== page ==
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What exactly is a feminist sculptor? Wangechi Mutu can tell you. A “homegrown feminist” since childhood (“I considered myself a feminist before I even knew what feminism was.”), her art explores ideas like race, gender, technology, colonialism, and consumption — often through a lens that challenges and deconstructs cultural depictions of women — African women in particular — and the female body. Hoping to achieve a balance of art and activism like her icons before her, from Arundhati Roy to Nina Simone, Mutu reminds us why that message matters, both in art and in life. "Because we assume it’s normal for women to earn less, work harder, be tidier, and demand not as much as a man, to me, it's important to stand behind feminism as an idea."
At 42, the Kenyan artist is regarded as one of the most significant African artists of her time. Her beautiful, unsettling, mysterious, powerful, erotic, even scary compositions are pieced together from magazine cut-outs, synthetic materials, beads, strips of leather, and fake hair. Adding even greater depth to these awe-inspiring pieces: the fact that her subjects of focus are typically female figures — strange chimeras bearing human, animal, botanical, serpentine, and machine-like traits.
Her recent show at the Brooklyn Museum, “Wangechi Mutu: A Fantastic Journey,” presented a sprawling tour through more than 50 of these works. It was an epic, provocative, multi-medium retrospective; and for anyone who was lucky enough to experience it in person, it's easy to see why Mutu earned the museum’s distinguished Artist of the Year award.
For Mutu though, the end result isn't the awards — of which she has many. And, it's not institutional recognition, either — although both MoMA and London's Tate Modern both count her work among their collections. It's the story she's telling, and continually redefining and retelling. "It's a never-ending, infinite lifetime task, and I’m happy to be doing it consistently," she says.
When we sit down at her home studio in Brooklyn's Bed-Stuy neighborhood, what strikes me most is her honesty. While the artist is obviously powerful and firm in her convictions, she is also unafraid to recall and share her past insecurities and speak openly about self-doubt. She recounts how, given her home country's lack of encouragement for artists, her decision to leave Kenya for the United States in the mid-'90s was an unwavering one — but life upon arrival was a bit more difficult.
"I always knew that I wanted to talk about things what were relevant to me as a Kenyan, and here I was as far away from Kenya as I could possibly be, in a population that doesn't know that much about the continent, so those hurdles felt impossible at a certain point," she recalls. She also had more practical concerns: "How do you make art when you're trying to figure out how to pay your groceries, or keep the lights on?"
It's a refreshing dose of realism from someone who received a very public shout-out from Beyoncé this February during her month-long #28DaysBlackHistory initiative. That was a happy moment, Mutu said of the honor, but coming from a cultural background in which praise is hard to come by, her greatest sense of accomplishment actually comes from one of her youngest critics. Up ahead, an intimate look at the artist in her space, as well as Mutu’s personal perspective on creating art with a message, what success means to her, and the responsibilities she feels as an artist and a mother.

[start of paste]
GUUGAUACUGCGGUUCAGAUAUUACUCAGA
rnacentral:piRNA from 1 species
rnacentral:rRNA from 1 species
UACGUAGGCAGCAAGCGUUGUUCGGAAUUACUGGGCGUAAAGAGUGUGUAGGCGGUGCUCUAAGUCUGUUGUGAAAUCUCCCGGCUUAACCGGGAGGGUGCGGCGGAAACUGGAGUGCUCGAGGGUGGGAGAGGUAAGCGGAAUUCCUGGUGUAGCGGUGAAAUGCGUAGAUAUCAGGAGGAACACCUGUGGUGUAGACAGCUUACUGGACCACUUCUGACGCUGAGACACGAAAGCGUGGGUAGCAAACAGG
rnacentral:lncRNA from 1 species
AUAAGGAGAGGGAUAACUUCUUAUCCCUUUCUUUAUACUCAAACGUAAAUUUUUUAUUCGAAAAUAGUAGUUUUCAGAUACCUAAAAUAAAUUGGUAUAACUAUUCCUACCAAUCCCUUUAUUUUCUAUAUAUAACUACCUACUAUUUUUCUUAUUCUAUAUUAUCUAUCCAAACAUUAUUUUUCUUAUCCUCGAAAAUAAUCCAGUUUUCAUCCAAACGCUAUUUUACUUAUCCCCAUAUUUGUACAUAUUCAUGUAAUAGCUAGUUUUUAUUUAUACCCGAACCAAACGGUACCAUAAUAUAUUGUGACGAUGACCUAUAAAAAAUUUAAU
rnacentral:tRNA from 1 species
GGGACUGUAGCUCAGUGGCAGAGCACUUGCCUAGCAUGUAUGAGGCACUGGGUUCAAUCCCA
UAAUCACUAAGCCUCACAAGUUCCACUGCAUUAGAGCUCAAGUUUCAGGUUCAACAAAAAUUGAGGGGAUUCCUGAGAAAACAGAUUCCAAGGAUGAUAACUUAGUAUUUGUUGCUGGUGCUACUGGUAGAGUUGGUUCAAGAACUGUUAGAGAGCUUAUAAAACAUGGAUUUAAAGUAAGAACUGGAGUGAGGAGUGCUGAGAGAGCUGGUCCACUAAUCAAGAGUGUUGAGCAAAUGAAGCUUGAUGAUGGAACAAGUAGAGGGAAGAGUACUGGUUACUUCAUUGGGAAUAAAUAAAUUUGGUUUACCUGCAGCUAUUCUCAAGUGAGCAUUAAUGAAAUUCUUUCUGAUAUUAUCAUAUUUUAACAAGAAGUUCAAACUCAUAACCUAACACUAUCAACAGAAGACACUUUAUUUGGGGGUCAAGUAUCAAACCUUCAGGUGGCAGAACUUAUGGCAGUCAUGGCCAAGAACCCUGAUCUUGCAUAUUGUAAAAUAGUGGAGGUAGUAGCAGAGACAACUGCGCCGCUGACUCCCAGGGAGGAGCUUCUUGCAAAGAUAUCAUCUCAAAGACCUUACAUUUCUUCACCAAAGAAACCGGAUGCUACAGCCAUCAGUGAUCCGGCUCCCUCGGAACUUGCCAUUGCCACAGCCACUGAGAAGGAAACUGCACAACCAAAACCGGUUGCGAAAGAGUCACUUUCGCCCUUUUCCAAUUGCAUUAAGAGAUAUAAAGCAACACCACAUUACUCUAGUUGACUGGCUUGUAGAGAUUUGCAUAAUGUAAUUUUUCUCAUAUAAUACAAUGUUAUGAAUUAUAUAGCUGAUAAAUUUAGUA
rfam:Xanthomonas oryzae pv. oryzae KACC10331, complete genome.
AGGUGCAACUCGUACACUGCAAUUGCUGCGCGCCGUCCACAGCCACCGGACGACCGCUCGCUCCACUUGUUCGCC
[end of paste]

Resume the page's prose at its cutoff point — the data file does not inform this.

Styling by Willow Lindley; Hair and Makeup by Anna Webber; Photography by Tina Tyrell.
You’ve said that your use of African imagery in your work is a response to your American experience, and the task of trying to evade foolish stereotypes. Have you felt a certain responsibility to present the Kenyan woman's diaspora?
"You know, I think I did, but I think I learned how to turn it into something personal and into my own liberating story. So, I wasn’t trying to be this self-proclaimed leader of a movement per se, but I decided to speak [about] the things that concerned me: how young girls are influenced, how women are positioned, how media influences how we look at each other, and how cruel it can be to those of who are not what the media wants to focus on.
"It really is how I feel about being from a very powerful culture where women are still treated with a lack of regard, even though they do everything. Women do everything in my family. They work. They keep the family together. They feed the family. They buy land. They know how to work the land. They go high. They go low.
"I was interested in how these women operate in their imaginations. How do they feel their world shape around them, and what is that shape? That's how I ended up with these pictures, and that’s how I feel like I ended up carrying their concerns — because they're my concerns — into the work."
Zero + Maria Cornejo top; talent's own pants and jewelry.
It's so incredible to be able to represent and speak about women in that way. Have you always considered yourself a feminist?
"I think I considered myself a feminist before I knew even what feminism was. As a child, I remember defending things like, 'Why did girls have to do that?', 'What does that have to do with being a person?', or 'What do you mean women shouldn’t go there, or be this way?'